Wind power may be the leading source of renewable electricity (apart from hydro), but we haven’t even scratched the surface of its true potential. Of the 238,000 megawatts of wind capacity installed at the start of 2012, just 4,600 megawatts came from offshore wind farms. On a planet that’s two-thirds water, that leaves plenty of room for improvement.
But, according to a new Earth Policy Institute report, wind power capacity has increased six-fold since 2006, and at least twenty countries are planning to join the twelve that already tap powerful winds over the sea.
Europe by far and away leads the world in offshore wind development, writes J. Matthew Roney:
More than 90 percent of offshore wind installations are in Europe. Denmark erected the world’s first offshore wind farm in 1991—the 5-megawatt Vindeby project. Offshore wind grew sporadically through the 1990s, as Sweden and the Netherlands also added capacity. Denmark added 400 megawatts of offshore capacity from 2001 to 2003. Since then, however, despite several other countries joining in, the United Kingdom has totally dominated the market. Of the 520 megawatts of new offshore wind capacity installed in Europe in the first half of 2012, roughly 80 percent was in the Irish Sea and North Sea waters of the United Kingdom. The rest was built by Belgium, Germany, and Denmark.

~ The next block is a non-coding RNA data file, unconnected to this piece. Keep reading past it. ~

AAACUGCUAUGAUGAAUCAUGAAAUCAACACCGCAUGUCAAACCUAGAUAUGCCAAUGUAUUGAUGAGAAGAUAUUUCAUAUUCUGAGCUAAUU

Japan and China are the only other countries with operational offshore wind farms. While the United States trails only China in wind capacity on land, it has yet to install even one offshore turbine.
But that should change in the next couple years. Cape Wind, the proposed 470-megawatt project off the coast of Massachusetts, is slated to begin construction in 2013 after facing opposition on multiple fronts. And two smaller projects — a 25-megawatt farm off Atlantic City, New Jersey, and a 30-megawatt project in Rhode Island waters — appear ready to go ahead.
Meanwhile, the U.S. government is addressing aesthetic concerns about offshore wind power with its Smart from the Start leasing program, a Bureau of Ocean Energy Management initiative that will auction off a strech of East Coast ocean development. The area is all at least 10 miles from land, so the turbines won’t be visible from shore.
Read the report here.